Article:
6. What’s your advice to someone putting together a full-length poetry manuscript for the first time? Share your thoughts on the importance (or not) of narrative arc in poetry manuscripts.

With my first book, I kept working so hard for that arc, but with later collections it’s not even an issue. I think every manuscript needs something to bind it together, be it narrative, setting, mood, whatever. In my second book, it’s theme and social issue . In the third, setting and mood. Not to say there’s no narrative threading, but it’s not the focal point. I guess it depends on whether you write more toward any one of these things. As I was working on my MFA thesis with a whole group of other grad students last year, there were like 10 of us, each with 10 different ways of our manuscripts making sense. It just needs to make sense somehow, why these poems are all together.

7. Do you personally market your publications? If so, why and how, and do you enjoy it? If not, why not?

I probably spend more time marketing dgp books than anything of my own, but I do do things like schedule readings, send out review copies, promote them on my blog, foist copies into upon people whether they want them or not. I think publication in journals and online goes a long way toward spreading your name and work around and garnering interest. It makes me feel self-conscious at times, but it’s a necessary evil.

8. Complete the following sentences: Big-name poetry publishers are…..not the end all be all..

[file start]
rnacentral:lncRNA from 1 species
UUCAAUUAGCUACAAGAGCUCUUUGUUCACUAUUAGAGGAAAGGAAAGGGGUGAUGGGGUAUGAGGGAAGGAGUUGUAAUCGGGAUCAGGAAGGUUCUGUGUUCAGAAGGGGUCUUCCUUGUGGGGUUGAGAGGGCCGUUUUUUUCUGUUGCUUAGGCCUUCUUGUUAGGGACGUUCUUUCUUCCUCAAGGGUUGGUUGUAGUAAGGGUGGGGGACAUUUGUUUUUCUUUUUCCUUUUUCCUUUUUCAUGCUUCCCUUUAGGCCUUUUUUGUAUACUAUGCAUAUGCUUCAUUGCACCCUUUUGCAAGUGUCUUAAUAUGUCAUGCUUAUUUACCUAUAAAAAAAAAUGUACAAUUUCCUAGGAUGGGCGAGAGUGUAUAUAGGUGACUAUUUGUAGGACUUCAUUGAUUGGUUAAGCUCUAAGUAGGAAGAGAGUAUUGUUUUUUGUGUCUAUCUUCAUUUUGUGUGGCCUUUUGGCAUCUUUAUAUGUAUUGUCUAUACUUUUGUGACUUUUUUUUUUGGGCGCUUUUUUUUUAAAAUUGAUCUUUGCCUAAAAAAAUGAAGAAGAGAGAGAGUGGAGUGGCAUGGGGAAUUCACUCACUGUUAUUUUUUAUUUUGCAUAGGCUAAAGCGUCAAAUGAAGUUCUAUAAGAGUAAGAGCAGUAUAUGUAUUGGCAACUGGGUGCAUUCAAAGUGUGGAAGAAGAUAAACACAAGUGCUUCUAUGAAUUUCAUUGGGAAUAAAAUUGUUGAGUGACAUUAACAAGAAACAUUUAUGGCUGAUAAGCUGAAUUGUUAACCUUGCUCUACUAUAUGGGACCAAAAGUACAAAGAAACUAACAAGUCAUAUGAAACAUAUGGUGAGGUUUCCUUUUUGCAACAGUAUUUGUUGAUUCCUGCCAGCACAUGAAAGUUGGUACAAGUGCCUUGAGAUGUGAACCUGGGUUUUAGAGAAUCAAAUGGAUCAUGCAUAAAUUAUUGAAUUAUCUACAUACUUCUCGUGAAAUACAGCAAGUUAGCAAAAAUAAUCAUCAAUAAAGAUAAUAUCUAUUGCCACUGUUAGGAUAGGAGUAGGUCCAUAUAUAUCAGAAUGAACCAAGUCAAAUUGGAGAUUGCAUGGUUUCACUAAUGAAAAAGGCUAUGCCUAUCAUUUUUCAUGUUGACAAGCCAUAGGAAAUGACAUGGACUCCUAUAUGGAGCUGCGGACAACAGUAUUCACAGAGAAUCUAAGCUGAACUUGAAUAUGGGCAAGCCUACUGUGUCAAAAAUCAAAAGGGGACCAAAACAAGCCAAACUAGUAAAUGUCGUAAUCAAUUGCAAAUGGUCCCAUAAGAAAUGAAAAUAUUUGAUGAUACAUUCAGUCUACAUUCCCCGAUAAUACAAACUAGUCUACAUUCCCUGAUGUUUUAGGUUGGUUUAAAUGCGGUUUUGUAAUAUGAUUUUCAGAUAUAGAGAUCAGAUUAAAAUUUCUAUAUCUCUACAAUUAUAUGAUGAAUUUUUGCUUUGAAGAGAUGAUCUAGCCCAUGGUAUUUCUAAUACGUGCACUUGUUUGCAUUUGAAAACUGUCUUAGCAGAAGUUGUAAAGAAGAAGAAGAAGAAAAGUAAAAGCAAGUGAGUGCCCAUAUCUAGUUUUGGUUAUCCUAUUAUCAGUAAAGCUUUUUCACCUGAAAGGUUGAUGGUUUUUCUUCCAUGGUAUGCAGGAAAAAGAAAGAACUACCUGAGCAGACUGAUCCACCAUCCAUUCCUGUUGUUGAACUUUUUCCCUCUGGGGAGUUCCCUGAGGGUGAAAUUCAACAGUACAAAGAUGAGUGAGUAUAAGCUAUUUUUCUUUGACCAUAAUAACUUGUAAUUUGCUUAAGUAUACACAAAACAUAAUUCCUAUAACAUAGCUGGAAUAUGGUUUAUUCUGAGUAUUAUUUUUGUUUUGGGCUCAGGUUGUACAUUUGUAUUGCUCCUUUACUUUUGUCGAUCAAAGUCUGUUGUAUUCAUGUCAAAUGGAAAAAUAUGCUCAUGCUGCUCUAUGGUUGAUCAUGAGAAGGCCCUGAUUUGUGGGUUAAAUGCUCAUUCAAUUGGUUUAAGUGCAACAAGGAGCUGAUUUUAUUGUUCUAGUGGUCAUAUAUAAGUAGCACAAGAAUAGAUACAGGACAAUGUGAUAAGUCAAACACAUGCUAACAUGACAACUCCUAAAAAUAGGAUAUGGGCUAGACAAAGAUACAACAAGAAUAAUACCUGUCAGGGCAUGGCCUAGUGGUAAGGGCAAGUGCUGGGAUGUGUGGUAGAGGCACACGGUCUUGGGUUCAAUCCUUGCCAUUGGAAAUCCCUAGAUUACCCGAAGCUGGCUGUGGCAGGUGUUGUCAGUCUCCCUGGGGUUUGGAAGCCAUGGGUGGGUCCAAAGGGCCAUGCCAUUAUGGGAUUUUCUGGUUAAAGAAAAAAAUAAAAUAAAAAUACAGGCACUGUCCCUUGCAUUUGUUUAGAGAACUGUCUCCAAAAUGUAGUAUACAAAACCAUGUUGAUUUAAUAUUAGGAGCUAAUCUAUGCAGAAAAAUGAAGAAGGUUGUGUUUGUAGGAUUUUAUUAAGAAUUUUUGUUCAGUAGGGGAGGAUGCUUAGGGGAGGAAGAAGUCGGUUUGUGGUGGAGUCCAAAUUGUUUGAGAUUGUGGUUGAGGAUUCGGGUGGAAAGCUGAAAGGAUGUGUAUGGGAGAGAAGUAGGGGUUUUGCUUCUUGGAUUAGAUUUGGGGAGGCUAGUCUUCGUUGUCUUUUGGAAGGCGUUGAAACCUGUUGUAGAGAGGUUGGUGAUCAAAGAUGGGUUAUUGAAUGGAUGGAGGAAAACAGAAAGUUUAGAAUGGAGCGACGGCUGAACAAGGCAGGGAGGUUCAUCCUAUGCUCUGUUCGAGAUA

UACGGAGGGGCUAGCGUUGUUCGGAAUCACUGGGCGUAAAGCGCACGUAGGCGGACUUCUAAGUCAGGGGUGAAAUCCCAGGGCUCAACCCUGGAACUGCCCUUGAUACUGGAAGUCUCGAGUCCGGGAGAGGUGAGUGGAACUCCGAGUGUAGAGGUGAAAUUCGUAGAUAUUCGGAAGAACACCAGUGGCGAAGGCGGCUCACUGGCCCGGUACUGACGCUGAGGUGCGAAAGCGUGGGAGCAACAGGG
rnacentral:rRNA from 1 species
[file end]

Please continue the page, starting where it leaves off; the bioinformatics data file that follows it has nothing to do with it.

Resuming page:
9. Small- and micro-presses are…where to look for interesting and dynamic work..

10. Describe the ideal relationship with a publisher and the relationship with a publisher from hell.

I’ve pretty much only had good relationships in regard to my own work. My first chap was held up by a serious backlog , but I knew that going in and just had to be patient. Ghost Road was a seamless dream to publish with, as was New Michigan Press. Since Dusie, my next publisher, is a one-woman operation, I’m helping Susana out with editing and layout, so of course that’s a good dynamic. I guess a bad publisher for me would be the controlling ego maniac type, who also happened to be incompetent…


Kristy Bowen is the author of the fever almanac (Ghost Road Press, 2006) as well as several chapbook projects, including feign (NMP, 2007) and at the hotel andromeda, a collaborative book arts project inspired by Joseph Cornell. Her second collection, in the bird museum is forthcoming from Dusie Books early this year. Another, girl show, will be published by Ghost Road Press in 2009. She edits the online litzine wicked alice and runs dancing girl press, dedicated to publishing poetry chapbooks by women. She recently opened atelier women writers studio, which hosts both work space for the press, as well as readings, retreats and workshops.


Published by

Nic Sebastian

Nic is the author of Forever Will End On Thursday and Dark And Like A Web. She founded the now-archived Whale Sound site and is co-founder of The Poetry Storehouse. Nic blogs at Very Like A Whale and Voice Alpha.

12 thoughts on “Ten Questions (2): Kristy Bowen”

  1. Pingback: and

Leave a Reply

Fill in your details below or click an icon to log in:

WordPress.com Logo

You are commenting using your WordPress.com account. Log Out / Change )

Twitter picture

You are commenting using your Twitter account. Log Out / Change )

Facebook photo

You are commenting using your Facebook account. Log Out / Change )

Google+ photo

You are commenting using your Google+ account. Log Out / Change )

Connecting to %s